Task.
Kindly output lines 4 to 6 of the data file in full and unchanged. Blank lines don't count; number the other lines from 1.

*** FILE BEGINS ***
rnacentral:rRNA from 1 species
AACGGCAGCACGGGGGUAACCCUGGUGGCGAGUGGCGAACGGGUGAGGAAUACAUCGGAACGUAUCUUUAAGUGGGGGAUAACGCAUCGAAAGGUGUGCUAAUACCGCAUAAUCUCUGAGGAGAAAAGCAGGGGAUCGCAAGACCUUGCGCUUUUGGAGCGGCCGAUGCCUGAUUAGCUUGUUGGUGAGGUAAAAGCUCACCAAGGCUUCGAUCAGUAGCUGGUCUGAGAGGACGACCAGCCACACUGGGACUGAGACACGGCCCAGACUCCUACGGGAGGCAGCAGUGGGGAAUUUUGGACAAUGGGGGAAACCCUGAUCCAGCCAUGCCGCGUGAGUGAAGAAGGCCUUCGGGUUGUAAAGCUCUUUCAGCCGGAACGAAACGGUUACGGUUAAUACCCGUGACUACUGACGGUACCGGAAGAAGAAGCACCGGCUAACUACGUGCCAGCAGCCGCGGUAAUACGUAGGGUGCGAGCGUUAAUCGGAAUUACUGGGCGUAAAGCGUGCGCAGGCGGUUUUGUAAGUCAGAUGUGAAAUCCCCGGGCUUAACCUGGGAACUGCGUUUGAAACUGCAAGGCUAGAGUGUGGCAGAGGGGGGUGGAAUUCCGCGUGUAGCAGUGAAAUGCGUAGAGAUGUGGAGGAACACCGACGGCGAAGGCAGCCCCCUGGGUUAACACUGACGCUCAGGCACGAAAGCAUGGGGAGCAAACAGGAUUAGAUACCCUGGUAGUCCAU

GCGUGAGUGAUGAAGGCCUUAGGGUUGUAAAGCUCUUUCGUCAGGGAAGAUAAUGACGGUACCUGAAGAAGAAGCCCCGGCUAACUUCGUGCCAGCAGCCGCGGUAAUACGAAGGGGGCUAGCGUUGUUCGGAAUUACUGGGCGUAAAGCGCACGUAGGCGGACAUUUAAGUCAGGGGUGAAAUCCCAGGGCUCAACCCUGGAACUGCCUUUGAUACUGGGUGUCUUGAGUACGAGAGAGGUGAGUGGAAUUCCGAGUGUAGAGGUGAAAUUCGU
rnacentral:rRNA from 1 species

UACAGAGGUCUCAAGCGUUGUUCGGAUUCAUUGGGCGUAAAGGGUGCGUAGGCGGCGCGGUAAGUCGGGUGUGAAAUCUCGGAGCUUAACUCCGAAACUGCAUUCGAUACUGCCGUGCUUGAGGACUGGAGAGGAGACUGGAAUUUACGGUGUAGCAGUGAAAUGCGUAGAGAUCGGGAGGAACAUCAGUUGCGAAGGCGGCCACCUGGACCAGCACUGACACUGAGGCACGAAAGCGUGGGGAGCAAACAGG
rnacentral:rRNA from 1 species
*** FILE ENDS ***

rnacentral:rRNA from 1 species

UACAGAGGUCUCAAGCGUUGUUCGGAUUCAUUGGGCGUAAAGGGUGCGUAGGCGGCGCGGUAAGUCGGGUGUGAAAUCUCGGAGCUUAACUCCGAAACUGCAUUCGAUACUGCCGUGCUUGAGGACUGGAGAGGAGACUGGAAUUUACGGUGUAGCAGUGAAAUGCGUAGAGAUCGGGAGGAACAUCAGUUGCGAAGGCGGCCACCUGGACCAGCACUGACACUGAGGCACGAAAGCGUGGGGAGCAAACAGG
rnacentral:rRNA from 1 species